We Chat With Greg Kasavin of Supergiant Games About Transistor

Supergiant Games is best known for Bastion, an insanely creative isometric RPG with layers, upon layers of imagination. It received plenty of awards, and each one well deserved. It would have been easy enough for the folks behind the hit to simply churn out a sequel, reuse some gorgeous artwork, and tweak the already excellent mechanics. And we would have been happy about it, as well, because it’s not everyday that a game like Bastion comes along. Instead, Supergiant decided to take the riskier route; the more inventive approach. Have you heard about Transistor? Of course you have, but just in case I’ll refresh your memory.

Transistor — followup to the indie sensation, Bastion — is a sci-fi themed action RPG with a thick coating of strategy. It’s about a young singer named Red, a mysterious weapon, and a strange narrator. Sure, a Bastion sequel would have been just dandy, but all it takes is a glance at the world of Transistor to realize that it’s a clear evolution of its predecessor. The cyberpunk backdrop, intricate design and astounding attention to detail is nothing short of stunning. While the surface is all we’ve managed to explore thus far, Greg Kasavin, Creative Director at Supergiant Games — as well as the key writer behind both Bastion and Transistor — has answered a few of our questions before returning to the lab.

[Hardcore Gamer] The artwork in Transistor is breathtaking — something of a living painting. Was there any particular sci-fi-themed inspiration behind the stylistic visuals?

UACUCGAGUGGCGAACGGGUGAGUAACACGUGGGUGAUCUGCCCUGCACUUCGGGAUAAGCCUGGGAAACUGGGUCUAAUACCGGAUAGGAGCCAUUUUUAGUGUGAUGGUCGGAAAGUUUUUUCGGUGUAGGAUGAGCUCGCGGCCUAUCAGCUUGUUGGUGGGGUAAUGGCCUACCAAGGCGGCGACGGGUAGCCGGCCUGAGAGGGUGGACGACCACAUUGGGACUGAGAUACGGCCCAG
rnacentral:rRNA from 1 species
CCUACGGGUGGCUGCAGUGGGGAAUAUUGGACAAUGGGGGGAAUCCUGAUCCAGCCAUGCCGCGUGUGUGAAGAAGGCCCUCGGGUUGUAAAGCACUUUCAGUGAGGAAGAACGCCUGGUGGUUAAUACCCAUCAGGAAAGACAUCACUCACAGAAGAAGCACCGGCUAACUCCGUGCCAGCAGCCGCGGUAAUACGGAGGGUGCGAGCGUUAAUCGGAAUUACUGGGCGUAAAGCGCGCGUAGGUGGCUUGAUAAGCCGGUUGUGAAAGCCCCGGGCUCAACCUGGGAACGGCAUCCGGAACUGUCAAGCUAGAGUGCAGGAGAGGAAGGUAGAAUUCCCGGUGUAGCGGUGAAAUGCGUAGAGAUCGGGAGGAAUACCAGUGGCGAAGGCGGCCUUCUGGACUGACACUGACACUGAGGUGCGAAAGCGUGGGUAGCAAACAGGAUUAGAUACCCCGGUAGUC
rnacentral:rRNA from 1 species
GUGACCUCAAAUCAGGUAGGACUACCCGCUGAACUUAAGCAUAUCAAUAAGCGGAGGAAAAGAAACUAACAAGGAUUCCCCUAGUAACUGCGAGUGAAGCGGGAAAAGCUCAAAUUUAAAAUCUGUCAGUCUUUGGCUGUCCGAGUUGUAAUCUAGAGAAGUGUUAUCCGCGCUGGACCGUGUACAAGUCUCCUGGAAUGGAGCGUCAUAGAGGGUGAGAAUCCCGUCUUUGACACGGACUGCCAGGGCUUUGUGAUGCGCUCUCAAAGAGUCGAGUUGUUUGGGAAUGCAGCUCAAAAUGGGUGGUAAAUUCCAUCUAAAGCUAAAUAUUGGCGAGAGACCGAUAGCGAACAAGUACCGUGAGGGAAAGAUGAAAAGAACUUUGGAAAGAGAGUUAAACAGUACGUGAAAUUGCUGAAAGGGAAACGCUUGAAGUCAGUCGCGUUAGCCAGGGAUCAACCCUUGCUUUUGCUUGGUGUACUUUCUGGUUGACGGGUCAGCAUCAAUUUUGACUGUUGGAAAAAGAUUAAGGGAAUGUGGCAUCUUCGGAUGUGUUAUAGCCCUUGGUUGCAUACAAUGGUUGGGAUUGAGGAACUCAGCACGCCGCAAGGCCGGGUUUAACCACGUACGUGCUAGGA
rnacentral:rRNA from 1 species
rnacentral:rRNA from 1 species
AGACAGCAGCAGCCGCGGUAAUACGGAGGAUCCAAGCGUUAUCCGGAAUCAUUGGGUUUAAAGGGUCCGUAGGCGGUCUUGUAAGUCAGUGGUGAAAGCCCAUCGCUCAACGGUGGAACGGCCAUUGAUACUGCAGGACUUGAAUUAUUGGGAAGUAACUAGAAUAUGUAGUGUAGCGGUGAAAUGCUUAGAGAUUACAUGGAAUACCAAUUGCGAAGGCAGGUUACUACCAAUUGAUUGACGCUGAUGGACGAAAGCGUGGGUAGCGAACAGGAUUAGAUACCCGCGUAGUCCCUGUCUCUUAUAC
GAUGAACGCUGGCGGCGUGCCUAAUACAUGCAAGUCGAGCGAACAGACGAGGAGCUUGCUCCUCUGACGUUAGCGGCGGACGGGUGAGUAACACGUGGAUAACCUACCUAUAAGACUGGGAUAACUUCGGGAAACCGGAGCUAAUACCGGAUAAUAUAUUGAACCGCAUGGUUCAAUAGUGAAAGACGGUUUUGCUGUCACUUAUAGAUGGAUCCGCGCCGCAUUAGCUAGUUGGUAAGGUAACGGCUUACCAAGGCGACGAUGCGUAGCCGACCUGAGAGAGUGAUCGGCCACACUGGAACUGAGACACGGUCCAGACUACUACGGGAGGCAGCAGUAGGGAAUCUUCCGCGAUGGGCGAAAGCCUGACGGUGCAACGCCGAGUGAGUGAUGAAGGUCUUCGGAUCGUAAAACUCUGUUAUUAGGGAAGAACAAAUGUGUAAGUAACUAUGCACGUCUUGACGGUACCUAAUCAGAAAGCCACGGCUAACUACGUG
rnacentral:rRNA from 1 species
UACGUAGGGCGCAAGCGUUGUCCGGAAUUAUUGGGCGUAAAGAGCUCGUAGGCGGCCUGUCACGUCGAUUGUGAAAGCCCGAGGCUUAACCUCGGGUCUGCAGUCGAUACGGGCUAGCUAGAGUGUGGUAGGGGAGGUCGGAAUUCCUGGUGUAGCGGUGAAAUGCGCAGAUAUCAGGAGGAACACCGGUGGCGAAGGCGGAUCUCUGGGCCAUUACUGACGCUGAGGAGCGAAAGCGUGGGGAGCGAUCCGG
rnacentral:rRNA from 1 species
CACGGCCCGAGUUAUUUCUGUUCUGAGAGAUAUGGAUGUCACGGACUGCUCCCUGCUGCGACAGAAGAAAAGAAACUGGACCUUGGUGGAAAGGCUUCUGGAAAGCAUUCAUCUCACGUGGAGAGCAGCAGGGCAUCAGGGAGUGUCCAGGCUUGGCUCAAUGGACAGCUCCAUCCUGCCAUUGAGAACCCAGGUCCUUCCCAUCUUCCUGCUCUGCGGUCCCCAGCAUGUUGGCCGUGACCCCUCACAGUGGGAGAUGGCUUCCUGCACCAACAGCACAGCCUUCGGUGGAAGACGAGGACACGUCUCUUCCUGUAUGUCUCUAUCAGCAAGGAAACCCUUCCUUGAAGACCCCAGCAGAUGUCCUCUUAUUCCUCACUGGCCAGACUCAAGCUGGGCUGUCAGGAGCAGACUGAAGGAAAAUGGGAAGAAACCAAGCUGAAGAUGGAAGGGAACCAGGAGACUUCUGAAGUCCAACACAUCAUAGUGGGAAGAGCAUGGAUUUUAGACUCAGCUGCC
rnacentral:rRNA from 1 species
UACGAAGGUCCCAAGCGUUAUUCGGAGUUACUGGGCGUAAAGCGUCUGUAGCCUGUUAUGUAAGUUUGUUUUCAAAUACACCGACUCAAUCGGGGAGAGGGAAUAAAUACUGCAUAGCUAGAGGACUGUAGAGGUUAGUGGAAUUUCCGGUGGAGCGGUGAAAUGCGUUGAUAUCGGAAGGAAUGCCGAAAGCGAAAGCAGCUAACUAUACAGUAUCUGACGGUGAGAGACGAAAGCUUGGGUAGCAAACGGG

[Greg Kasavin, Writer and Creative Director, Supergiant Games] One of the ideas that got us excited early on was making a game in an original science-fiction setting of some sort. We were particularly interested in the cyberpunk aesthetic as a starting point, with its massive futuristic cities and its grounding in contemporary times, as opposed to a distant future with spaceships and laser guns. At the same time we think cyberpunk has been done really well in a lot of movies and games so we wanted to find our own angle on it. Jen Zee our art director drew inspiration from the art nouveau movement from the turn of the 20th century, characterized by lots of gilded and natural patterns, as well as elongated and classical-looking forms. We were interested in combining these vintage types of elements with ideas for what a futuristic city could be like. We wanted to create a romanticized setting — classic rather than utopian.

That said, from an art standpoint Jen took inspiration from any number of sources ranging from games to classical artists so it’s hard to pin it down to any one thing. It took us a while to get to the look you see in the game, so it’s good to hear you like what you see of it! Our main goal there is to create a distinct-feeling sense of place with its own identity.


“We wanted to create a romanticized setting — classic rather than utopian.”

Bastion was a very theme-heavy game, and featured a fantastic story involving its world. Is this something we can expect to see in Transistor — and if so, is there anything you can tell us about the story?

Our first game Bastion is very much an expression of our values as a studio, as we really believe that games are capable of creating great stories through the play experience, and that games are capable of being much more than just fun to play. We couldn’t be happier with the response to Bastion’s story, and it’s fair to say that the story of Transistor is just as important this time around.